Choosing A Breeder
This article contains generalizations about warning signals that should alert you to be cautious; look a little closer; dig a little deeper. Please note that just because a breeder does or has done some of the things brought up in this article, it does not necessarily mean that they are bad breeders. Much of the following can be applied to buying a puppy or selecting a stud dog.
The first mistake people commonly make is rushing into things and dealing with the first breeder they find who can provide them with what they are looking for, be it a puppy or a stud dog. Keep in mind that owning/breeding is a BIG commitment of money, time, effort and emotion. TAKE YOUR TIME!! Impulse buying/breeding can end in disaster! Many of the bad breeders know that having puppies readily available is to their selling advantage.
Your first step is to contact many breeders and see as many dogs as you can. As in anything in life, those people who are honest and upright in their dealings, and produce quality, will be well-respected by their peers. And, of course, the opposite is true of those people who rip others off and/or produce poor quality. Take note of who is spoken well of, and breeders other breeders will refer you to. Also inquire as to what clubs they belong to. Call those clubs as well as the National and Regional breed clubs and ask if there have been any suspensions and/or complaints. Familiarize yourself with problems in the breed and discuss them with your Veterinarian. The problems most commonly seen in Mastiffs are hip and elbow dysplasia, and eye and thyroid problems. All these things should be checked, eyes once a year, and the breeder should be willing and able to provide you with copies of the certification (exam sheet in the case of eyes). DO NOT TAKE THE BREEDERS WORD FOR IT! There are those that will outright lie to you and others that will minimize or even dismiss problems altogether.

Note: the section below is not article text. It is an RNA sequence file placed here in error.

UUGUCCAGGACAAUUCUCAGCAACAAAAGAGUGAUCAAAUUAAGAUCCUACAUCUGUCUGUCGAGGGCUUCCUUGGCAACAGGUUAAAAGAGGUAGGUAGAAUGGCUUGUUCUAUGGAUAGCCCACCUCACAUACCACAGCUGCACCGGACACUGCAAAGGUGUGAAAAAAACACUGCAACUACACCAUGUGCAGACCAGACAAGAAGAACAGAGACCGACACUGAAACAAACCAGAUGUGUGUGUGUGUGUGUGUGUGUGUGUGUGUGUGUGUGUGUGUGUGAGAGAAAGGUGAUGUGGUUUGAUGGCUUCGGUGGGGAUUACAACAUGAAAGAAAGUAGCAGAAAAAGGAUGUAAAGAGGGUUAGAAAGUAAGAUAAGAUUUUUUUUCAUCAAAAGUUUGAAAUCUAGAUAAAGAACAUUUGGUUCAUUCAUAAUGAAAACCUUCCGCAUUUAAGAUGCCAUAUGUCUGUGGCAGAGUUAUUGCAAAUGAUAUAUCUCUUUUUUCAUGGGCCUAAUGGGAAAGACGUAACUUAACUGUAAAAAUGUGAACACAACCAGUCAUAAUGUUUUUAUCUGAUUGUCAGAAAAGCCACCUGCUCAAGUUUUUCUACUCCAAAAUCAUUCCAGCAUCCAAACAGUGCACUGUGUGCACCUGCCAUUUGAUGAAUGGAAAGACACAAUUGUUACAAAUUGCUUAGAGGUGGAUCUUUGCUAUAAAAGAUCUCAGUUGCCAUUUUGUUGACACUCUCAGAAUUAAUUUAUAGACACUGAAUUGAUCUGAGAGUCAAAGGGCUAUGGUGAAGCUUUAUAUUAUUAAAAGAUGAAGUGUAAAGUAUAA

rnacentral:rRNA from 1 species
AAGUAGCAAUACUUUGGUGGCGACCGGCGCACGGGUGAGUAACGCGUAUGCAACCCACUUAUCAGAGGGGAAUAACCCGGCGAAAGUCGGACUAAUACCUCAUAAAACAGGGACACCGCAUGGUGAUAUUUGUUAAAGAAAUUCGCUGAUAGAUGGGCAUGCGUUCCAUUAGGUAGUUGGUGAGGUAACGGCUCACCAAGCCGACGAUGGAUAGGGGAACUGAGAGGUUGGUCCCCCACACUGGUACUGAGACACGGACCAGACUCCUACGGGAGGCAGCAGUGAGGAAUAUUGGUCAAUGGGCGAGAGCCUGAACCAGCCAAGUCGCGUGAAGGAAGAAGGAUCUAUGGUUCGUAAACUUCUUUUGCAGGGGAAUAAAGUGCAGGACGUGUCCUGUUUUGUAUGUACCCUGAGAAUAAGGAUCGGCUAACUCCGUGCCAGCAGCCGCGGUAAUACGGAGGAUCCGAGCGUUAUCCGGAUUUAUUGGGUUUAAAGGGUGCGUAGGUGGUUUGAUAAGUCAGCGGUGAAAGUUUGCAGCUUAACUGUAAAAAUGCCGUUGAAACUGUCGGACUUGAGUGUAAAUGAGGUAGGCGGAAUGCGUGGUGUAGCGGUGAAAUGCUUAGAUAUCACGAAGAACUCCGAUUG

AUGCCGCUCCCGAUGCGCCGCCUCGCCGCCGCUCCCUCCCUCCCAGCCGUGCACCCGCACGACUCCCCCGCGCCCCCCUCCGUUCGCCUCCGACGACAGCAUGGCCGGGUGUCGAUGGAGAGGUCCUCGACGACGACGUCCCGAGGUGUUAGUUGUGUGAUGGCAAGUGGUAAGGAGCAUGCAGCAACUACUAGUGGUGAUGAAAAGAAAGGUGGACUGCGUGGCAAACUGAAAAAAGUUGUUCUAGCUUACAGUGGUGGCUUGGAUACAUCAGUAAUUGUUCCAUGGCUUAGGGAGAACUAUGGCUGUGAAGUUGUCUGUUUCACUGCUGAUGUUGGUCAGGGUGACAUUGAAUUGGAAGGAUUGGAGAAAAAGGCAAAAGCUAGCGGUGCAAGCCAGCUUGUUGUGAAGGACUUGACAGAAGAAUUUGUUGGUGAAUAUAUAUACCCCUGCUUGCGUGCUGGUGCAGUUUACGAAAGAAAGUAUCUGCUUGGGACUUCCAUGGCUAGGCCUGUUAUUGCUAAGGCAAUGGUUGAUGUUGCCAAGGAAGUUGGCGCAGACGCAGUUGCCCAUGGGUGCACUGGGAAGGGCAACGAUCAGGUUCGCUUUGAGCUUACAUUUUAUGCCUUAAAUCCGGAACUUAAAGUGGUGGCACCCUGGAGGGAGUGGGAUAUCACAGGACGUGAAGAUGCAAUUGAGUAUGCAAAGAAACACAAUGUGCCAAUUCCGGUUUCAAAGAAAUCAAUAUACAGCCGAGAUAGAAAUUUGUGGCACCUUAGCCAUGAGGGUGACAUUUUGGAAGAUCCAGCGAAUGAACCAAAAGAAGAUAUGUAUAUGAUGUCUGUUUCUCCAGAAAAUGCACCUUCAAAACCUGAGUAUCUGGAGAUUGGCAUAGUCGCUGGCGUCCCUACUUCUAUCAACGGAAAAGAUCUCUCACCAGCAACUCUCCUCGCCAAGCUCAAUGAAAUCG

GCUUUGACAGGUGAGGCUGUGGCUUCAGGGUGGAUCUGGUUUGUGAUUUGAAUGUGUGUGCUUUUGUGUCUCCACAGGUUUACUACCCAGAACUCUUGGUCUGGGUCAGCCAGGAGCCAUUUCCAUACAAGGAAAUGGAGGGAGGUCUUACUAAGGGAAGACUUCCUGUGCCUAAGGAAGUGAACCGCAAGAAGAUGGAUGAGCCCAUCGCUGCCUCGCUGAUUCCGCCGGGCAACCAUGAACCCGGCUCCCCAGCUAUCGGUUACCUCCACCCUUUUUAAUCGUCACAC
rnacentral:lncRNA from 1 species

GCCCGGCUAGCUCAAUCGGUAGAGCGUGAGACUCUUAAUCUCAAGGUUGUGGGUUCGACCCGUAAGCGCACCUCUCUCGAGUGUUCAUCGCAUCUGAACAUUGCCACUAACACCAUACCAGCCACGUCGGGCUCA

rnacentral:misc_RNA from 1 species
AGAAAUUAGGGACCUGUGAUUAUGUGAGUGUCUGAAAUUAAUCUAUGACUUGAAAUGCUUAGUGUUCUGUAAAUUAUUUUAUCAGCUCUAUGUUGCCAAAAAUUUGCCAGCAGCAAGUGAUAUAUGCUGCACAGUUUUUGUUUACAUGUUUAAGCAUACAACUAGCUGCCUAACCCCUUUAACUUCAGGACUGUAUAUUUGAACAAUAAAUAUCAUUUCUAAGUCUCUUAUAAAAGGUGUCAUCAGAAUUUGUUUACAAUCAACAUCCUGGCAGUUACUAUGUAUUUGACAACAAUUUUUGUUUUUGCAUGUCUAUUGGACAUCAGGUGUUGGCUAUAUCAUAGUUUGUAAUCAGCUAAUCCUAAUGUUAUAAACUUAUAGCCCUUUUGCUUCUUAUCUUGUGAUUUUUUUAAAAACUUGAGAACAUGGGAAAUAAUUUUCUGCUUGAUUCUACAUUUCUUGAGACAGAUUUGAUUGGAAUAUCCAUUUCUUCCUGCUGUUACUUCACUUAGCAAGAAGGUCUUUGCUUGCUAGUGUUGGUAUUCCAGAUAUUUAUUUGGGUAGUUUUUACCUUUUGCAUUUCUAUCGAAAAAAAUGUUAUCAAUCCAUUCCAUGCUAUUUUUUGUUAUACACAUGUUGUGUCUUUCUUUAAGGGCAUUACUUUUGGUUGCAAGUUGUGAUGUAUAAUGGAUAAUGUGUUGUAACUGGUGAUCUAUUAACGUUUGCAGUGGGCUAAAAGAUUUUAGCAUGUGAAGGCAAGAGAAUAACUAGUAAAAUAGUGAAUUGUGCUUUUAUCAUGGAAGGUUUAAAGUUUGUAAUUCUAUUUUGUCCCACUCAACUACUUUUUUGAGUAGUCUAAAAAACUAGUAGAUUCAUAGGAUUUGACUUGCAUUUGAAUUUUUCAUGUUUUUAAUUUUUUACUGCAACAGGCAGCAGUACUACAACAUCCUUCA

Remember, there is no such thing as the perfect dog and no one has perfect lines. The breeder should be willing to discuss the problems in their dogs and what they’re doing to eliminate them. If a breeder is telling you they have no problems, and their dogs are the best — be careful!
Don’t be offended if the breeder asks for references, or asks as many questions of you as you ask of them. If they don’t care about the type of home their puppies are going to; or the type of bitch their stud dog is going to be bred to; they likely don’t care about the quality they are producing. Be suspicious if they aren’t interested in keeping anything out of their dog’s breeding — why not?
You should get a written contract with guarantees, and be allowed to go over it before making a commitment. Some of the wording can be very tricky and/or unclear. Your concerns should be addressed and written down to your satisfaction. Some common rip-offs seen when buying puppies are:
“If the puppy ends up with crippling or life-threatening hereditary problems, return the dog and you’ll receive a full refund or replacement puppy.”